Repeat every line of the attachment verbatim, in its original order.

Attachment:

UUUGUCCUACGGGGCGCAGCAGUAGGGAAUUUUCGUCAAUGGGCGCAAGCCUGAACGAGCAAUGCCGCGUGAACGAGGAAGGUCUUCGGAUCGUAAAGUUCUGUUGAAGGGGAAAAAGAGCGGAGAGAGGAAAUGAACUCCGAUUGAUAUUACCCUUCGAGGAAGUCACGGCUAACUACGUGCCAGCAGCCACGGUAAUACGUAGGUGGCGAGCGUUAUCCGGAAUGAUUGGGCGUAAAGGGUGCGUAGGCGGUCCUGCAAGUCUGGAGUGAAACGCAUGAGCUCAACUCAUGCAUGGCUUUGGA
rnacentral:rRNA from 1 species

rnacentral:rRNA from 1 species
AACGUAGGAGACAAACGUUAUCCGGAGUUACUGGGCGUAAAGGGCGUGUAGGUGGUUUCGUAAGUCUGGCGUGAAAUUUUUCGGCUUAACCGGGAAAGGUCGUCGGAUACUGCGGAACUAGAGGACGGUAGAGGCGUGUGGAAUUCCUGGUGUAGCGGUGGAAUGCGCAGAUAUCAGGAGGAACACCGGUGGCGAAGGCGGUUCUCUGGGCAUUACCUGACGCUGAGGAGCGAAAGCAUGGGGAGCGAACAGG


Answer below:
UUUGUCCUACGGGGCGCAGCAGUAGGGAAUUUUCGUCAAUGGGCGCAAGCCUGAACGAGCAAUGCCGCGUGAACGAGGAAGGUCUUCGGAUCGUAAAGUUCUGUUGAAGGGGAAAAAGAGCGGAGAGAGGAAAUGAACUCCGAUUGAUAUUACCCUUCGAGGAAGUCACGGCUAACUACGUGCCAGCAGCCACGGUAAUACGUAGGUGGCGAGCGUUAUCCGGAAUGAUUGGGCGUAAAGGGUGCGUAGGCGGUCCUGCAAGUCUGGAGUGAAACGCAUGAGCUCAACUCAUGCAUGGCUUUGGA
rnacentral:rRNA from 1 species

rnacentral:rRNA from 1 species
AACGUAGGAGACAAACGUUAUCCGGAGUUACUGGGCGUAAAGGGCGUGUAGGUGGUUUCGUAAGUCUGGCGUGAAAUUUUUCGGCUUAACCGGGAAAGGUCGUCGGAUACUGCGGAACUAGAGGACGGUAGAGGCGUGUGGAAUUCCUGGUGUAGCGGUGGAAUGCGCAGAUAUCAGGAGGAACACCGGUGGCGAAGGCGGUUCUCUGGGCAUUACCUGACGCUGAGGAGCGAAAGCAUGGGGAGCGAACAGG